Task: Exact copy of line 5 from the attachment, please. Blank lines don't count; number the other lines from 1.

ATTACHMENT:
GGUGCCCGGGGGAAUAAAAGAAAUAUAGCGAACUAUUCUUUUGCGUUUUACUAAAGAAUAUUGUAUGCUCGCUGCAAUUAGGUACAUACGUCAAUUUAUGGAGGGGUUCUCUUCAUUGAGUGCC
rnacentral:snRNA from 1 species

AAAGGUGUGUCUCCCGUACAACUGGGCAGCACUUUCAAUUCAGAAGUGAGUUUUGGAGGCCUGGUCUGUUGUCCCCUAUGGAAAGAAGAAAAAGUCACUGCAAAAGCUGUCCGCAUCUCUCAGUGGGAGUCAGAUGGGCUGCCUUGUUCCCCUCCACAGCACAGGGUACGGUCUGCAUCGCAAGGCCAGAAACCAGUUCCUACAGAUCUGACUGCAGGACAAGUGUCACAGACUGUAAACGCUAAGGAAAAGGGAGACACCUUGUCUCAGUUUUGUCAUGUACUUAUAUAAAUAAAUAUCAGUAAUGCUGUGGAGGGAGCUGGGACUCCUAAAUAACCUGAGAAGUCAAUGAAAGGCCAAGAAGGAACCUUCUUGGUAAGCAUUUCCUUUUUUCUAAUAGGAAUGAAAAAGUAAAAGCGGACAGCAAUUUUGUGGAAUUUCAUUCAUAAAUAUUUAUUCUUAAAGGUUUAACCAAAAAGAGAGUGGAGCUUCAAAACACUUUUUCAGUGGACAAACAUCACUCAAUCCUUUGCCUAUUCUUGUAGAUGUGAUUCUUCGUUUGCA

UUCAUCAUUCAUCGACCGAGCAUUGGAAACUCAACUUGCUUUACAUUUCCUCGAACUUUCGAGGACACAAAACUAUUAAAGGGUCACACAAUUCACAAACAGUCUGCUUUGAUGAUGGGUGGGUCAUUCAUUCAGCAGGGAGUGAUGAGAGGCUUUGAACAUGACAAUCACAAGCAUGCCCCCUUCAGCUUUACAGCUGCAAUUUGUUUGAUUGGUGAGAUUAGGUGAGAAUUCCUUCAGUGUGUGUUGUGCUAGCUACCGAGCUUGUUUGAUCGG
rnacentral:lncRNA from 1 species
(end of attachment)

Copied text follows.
rnacentral:lncRNA from 1 species